The outlook for the non-bank sector – non-banking finance company (NBFC) and housing finance company (HFCs) – remains ‘negative’ as the operating environment is yet to materially recover post the pandemic-induced disruptions, according to ICRA.
Further, the near-term demand outlook is likely to continue to remain subdued, the credit rating agency added.
ICRA expects the NBFC Assets Under Management (AUM) to contract by 2 to 4 per cent in FY21 as the wholesale exposures – corporate/ real estate – are steadily being run down, while retail-NBFC AUM is expected to grow at +/- 1.5 per cent.
HFCs, on the other hand, are expected to grow their AUMs at about 5-8 per cent in FY21. Overall, non-bank (NBFCs, excluding infra NBFCs; and HFCs) growth is expected to revive in the next fiscal, on the back of lower base and expected uptrend in demand, the agency said.
AM Karthik, Vice-President and Sector-Head Financial Sector Ratings, ICRA, said: “The performance of non-banks needs to be observed closely, given its close economic linkages.
“With the pandemic-affected operating environment yet to recover fully, lenders may face increased delinquency levels, although currently the same is lower than the previous ICRA estimates.”
The provision build-up and improved capital profile over the recent past, however, would provide risk cushion to an extent.
Growth to remain stunted
Karthik cautioned that players would face increased competitive pressures, going forward, and most of them may turn cautious. As a result the near-term growth would continue to remain stunted.
ICRA assessed that AUM growth could revive to about 13-15 per cent in FY22, considering the lower base in FY21 and the likely demand revival. Profitability, however, over the next 1-1.5 years, is likely to remain under pressure and lower than the levels witnessed pre-covid.
Non-banks have witnessed a good improvement in the collection efficiencies (CE) since September 2020 after post Covid-19 disruptions in Q1 (April-June).
ICRA underscored that the sector’s credit profile is supported by a steady improvement in credit provisions over the last few quarters, and moderately reduced its NPA (non-performing asset)/Gross Stage3 (GS3) assets in the quarter ended September 2020.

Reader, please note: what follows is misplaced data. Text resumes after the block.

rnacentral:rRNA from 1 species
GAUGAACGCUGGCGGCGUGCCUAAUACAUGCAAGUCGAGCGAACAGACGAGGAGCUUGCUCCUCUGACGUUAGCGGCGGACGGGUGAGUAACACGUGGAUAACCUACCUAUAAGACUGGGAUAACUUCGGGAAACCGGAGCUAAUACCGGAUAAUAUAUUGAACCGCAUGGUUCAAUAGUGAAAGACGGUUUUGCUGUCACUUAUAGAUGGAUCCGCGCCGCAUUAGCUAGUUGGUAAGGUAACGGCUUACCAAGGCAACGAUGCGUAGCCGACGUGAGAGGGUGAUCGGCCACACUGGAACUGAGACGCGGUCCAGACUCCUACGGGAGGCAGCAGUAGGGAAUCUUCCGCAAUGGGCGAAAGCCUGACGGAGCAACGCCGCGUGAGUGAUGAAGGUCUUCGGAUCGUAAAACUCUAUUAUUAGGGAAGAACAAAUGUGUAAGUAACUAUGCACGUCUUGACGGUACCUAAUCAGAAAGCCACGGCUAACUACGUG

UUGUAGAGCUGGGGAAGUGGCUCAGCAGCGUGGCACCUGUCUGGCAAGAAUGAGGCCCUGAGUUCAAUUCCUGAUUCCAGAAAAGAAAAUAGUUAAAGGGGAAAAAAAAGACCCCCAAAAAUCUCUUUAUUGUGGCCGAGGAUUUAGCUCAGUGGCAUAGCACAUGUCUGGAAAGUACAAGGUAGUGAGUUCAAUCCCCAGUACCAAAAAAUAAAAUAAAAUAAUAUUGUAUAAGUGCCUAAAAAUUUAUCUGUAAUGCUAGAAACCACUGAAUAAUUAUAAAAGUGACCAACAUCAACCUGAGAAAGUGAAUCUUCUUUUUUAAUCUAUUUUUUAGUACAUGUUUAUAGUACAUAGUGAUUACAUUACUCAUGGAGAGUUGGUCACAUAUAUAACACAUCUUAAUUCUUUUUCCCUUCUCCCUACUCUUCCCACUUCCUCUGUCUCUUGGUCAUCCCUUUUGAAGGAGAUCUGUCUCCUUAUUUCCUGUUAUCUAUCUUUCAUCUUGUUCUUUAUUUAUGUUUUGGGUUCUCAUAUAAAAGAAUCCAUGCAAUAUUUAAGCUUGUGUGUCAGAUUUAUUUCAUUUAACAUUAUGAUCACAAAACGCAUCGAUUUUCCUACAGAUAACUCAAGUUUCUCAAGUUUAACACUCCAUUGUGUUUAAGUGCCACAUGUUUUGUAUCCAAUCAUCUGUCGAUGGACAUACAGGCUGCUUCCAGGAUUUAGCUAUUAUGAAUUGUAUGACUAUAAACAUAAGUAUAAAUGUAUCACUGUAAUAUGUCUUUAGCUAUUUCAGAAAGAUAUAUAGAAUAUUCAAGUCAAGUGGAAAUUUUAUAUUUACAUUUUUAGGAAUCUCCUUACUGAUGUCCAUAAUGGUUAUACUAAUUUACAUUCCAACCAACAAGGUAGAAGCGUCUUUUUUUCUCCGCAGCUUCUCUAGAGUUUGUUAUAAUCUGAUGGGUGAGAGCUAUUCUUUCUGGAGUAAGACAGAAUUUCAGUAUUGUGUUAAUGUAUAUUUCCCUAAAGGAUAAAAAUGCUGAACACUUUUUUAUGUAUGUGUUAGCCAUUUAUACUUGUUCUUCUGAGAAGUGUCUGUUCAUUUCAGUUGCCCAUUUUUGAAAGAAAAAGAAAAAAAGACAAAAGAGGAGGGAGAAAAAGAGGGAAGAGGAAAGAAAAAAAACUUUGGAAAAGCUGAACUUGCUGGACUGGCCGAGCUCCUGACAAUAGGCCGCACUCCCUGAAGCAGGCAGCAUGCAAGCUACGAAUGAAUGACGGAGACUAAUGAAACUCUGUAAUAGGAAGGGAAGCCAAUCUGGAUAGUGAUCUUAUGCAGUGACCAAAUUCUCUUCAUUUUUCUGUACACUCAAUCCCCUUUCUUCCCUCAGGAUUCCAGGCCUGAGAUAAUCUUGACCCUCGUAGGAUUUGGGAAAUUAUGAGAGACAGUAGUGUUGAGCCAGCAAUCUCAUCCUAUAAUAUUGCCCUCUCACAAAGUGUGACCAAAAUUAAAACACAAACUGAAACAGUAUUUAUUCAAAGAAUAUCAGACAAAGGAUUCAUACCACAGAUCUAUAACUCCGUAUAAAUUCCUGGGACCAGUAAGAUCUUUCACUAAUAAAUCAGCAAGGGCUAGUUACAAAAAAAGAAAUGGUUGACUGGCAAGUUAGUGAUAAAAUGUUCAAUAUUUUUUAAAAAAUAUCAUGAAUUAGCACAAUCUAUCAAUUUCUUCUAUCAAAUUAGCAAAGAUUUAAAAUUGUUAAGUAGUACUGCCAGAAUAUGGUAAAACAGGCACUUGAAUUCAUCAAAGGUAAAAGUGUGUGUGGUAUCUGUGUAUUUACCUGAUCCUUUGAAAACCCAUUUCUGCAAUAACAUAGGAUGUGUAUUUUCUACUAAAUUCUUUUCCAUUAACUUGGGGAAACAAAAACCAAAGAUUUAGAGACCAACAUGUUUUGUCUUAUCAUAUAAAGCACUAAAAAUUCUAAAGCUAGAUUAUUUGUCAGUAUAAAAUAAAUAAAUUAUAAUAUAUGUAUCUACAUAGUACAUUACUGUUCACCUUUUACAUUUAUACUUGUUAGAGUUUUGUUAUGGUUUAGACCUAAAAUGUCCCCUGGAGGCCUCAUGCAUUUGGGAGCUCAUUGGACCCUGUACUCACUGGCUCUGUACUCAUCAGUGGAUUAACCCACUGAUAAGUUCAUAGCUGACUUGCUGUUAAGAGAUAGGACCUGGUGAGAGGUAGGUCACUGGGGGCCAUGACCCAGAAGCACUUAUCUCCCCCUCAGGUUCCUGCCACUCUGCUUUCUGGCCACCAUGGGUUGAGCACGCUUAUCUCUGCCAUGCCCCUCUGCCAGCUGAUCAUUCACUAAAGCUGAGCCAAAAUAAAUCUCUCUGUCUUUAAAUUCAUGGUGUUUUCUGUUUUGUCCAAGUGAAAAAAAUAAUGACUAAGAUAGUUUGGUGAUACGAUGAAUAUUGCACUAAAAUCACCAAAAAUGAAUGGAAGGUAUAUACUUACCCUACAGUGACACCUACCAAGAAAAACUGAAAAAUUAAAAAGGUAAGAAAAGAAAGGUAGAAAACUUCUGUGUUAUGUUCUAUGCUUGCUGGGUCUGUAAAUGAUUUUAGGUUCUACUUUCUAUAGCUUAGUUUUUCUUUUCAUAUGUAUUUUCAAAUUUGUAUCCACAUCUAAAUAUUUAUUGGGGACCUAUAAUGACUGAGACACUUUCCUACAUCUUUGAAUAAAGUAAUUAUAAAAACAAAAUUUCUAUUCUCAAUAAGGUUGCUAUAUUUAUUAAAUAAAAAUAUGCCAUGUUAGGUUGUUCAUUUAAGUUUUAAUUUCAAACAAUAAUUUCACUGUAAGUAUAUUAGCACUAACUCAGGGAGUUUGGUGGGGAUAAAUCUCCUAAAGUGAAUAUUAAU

Asset quality indicators are supported by limited forward flow into harder delinquency buckets (90-plus days past due) because of the prolonged moratorium coupled with some collections from overdue accounts.
Karthik said: “Currently, non-banks are having 50 per cent higher provisions, at about 3.1 per cent of their AUM compared to about 2 per cent a year ago (September 2019). Higher provisions will allow them to absorb near-term uncertainties to some extent.”
As for Collection Efficiencies (EFs), Karthik observed that most entities have reported CE between 85-95 per cent levels in September 2020 (NBFCs CE was about 70 per cent in August and about 65 per cent in July while HFCs’ CE was about 81 per cent in August and about 78 per cent in July).
He said the improvement in CE is partly due to the closure of loan moratorium to borrowers because of the Covid-19 disruptions, and given the fact that collections are typically higher in the last month of the quarter than during other months.
As per ICRA’s note, initial feedback indicates that CE trends in October 2020 is similar to or marginally better than September 2020 levels. Most players indicated loan restructuring at around 5-6 per cent, below the ratings agency estimates of 5-10 per cent.
While lower-than-expected restructuring indicate the lower stress expectation of the players, ICRA notes that the CEs are about 5-15 per cent lower than pre-Covid levels, and this has resulted in a corresponding increase of up to about 15 per cent in the softer bucket delinquencies in September 2020.